Following the September 11, 2001 terrorist attacks on the World Trade Center and Pentagon, the Navy SEAL's have become a more visible force in America. It's now more commonplace to witness the lives of SEAL's by way of the news, movies, or one of the countless nonfiction books depicting SEAL's training and combat experiences. .
The 2003 movie "Tears of the Sun," accurately portrays the Navy SEAL's place in American popular culture. Based on the authority of Eric Greitens' "The Heart and The Fist," along with Dick Couche's "The Warrior Elite," the reader is introduced to a Navy SEAL's chain of command, humanitarianism, and combat tactics. Regardless of being Special Forces, Navy SEAL's still follow the military chain of command, insuring that no rash actions happen during combat. The SEAL's are complex warriors who are not only trained killers, but also reflect humanitarian attributes, helping to build stronger allies while in hostile lands. Finally, SEAL's employ well-rehearsed combat tactics, ensuring they perform missions with 100% accuracy, going the extra mile - and beyond - to avoid loss of life. .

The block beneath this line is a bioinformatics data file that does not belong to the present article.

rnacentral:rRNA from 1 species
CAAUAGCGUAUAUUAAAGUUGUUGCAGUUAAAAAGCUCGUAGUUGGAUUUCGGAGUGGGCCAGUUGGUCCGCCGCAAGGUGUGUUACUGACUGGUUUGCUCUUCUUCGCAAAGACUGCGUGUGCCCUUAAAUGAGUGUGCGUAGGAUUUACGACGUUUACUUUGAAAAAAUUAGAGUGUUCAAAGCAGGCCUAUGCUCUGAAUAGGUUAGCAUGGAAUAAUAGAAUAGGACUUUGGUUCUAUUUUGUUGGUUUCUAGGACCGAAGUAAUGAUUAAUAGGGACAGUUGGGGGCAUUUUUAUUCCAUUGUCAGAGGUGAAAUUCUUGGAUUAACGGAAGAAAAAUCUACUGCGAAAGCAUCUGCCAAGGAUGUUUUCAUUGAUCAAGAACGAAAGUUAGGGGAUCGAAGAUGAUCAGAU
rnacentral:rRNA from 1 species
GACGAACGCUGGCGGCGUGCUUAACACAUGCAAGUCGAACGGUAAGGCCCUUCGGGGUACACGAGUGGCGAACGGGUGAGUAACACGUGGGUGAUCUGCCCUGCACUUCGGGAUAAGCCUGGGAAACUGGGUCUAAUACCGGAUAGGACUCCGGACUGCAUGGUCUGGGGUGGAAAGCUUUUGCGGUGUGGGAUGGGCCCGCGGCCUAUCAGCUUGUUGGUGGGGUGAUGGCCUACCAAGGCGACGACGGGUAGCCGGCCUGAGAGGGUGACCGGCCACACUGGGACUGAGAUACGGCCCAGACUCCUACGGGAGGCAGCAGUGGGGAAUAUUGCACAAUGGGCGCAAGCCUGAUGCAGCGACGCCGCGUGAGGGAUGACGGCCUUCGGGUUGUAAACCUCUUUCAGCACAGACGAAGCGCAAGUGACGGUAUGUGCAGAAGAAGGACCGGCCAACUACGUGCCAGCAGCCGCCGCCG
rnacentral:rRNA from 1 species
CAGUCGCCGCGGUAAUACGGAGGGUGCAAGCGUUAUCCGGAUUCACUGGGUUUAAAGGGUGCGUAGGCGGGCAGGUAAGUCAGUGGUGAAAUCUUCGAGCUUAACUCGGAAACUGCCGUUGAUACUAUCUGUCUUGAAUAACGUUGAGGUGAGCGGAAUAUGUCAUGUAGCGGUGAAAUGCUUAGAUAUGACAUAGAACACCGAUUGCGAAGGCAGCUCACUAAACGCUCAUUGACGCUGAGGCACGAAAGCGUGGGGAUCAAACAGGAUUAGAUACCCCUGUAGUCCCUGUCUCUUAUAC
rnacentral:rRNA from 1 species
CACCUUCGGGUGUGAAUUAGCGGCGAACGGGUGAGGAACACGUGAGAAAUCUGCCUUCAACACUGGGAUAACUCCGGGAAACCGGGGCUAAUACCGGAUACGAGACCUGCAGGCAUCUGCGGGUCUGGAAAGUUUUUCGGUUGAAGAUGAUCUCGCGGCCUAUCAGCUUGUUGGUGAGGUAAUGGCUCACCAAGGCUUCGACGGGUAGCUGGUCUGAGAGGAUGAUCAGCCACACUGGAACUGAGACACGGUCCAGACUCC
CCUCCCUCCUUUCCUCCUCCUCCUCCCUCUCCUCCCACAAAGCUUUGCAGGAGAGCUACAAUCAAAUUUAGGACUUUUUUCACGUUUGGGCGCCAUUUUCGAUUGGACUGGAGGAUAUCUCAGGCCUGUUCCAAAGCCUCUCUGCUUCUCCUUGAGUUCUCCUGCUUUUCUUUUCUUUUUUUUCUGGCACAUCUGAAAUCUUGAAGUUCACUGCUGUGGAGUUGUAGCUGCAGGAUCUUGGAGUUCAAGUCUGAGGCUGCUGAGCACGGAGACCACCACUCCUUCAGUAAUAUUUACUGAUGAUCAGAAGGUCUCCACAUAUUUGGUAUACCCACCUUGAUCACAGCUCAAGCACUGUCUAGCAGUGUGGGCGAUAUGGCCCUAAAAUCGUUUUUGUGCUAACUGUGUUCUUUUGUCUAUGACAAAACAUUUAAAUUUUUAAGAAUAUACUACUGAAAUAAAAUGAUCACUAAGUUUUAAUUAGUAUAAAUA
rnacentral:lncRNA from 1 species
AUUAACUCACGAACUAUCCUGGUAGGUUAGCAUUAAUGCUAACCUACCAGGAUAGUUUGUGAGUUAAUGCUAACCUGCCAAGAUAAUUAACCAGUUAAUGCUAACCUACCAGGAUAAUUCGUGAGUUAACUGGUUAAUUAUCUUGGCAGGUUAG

"Tears of the Sun" reveals how a SEAL's team follows a strict chain of command while on a mission. Every branch of the military adheres to an order of protocol and hierarchy, but for the small, covert SEAL teams deployed in combat zones, following a chain of command can become a dangerous Achilles heel. In the high stakes environment of combat, following the military chain of command can waste precious time and in some cases cause loss of life. Having to follow orders from a command station hundreds of miles away can hinder the field officer from quickly determining the best course of action at a given moment.
In the film "Tears of the Sun," Lt. Waters must escort an American doctor out of danger by coaxing her to come with him, finding safety even though she'd be leaving the tribal people who she had been caring for.